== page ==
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Gestational Diabetes

During pregnancy, usually around the 24th week, it’s not uncommon for many women to develop gestational diabetes. This condition occurs in pregnant women who have high blood sugar levels during pregnancy.

According to the American Diabetes Association, it is estimated that it affects 18 percent of all pregnancies. While it is not known exactly what causes gestational diabetes, there are, however, some clues.

During pregnancy, the placenta supports the baby as it grows, supplying hormones that help the baby develop. These hormones also block the insulin in the mother’s body. This is called insulin resistance. And when the body doesn’t produce enough insulin, gestational diabetes begins. During pregnancy, women may need up to three times as much insulin to prevent gestational diabetes.

How Gestational Diabetes Can Affect Your Baby

Untreated or poorly controlled gestational diabetes can cause harm to your baby. Gestational diabetes causes your pancreas to work overtime to make insulin. Even though insulin does not cross the placenta, glucose and other nutrients do. If your baby receives extra amounts of glucose, it can cause high blood glucose levels.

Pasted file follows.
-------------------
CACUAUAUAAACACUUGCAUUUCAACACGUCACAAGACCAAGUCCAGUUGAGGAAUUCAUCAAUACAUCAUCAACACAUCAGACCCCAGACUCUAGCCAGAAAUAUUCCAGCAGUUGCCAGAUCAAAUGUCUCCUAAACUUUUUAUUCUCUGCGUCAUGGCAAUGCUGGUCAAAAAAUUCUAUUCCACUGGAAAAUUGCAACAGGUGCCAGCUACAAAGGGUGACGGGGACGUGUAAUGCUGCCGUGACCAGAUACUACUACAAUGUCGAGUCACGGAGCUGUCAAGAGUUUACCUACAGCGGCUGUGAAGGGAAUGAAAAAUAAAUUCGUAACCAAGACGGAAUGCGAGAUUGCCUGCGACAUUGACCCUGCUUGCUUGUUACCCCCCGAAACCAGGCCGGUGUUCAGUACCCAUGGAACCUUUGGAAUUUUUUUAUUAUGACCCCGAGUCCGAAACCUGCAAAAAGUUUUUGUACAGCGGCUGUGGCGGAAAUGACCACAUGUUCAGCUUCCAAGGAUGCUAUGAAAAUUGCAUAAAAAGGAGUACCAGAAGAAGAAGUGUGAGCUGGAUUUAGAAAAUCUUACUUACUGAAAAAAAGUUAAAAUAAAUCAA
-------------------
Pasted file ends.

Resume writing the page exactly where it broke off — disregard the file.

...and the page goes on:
Since the baby is getting more energy than it needs, the extra energy is stored as fat, which can lead to macrosomia. Macrosomia can cause damage to a baby’s shoulders during birth, cause low blood glucose levels at birth and increase the risk for breathing problems and obesity.

Treating Gestational Diabetes

If you are diagnosed with gestational diabetes, it is important, not only for your health but for the health of your baby, to stick to your doctor’s recommended treatment plan.

This plan will include special meal plans and scheduled physical activity. It may also include daily blood glucose testing and insulin injections.

Getting Help for Gestational Diabetes

Gestational diabetes is treatable. Make sure you work with your doctor, obstetrician, nurse educator, certified nurse midwife and dietitian to lower your high blood glucose levels.

In addition, our Diabetes and Nutrition Education Center offers a two-hour Gestational Diabetes class every Thursday morning at Gwinnett Medical Center–Lawrenceville. The class is facilitated by two Certified Diabetes Educators. Patients need a physician referral to attend.

For more information, please call 678-312-6040.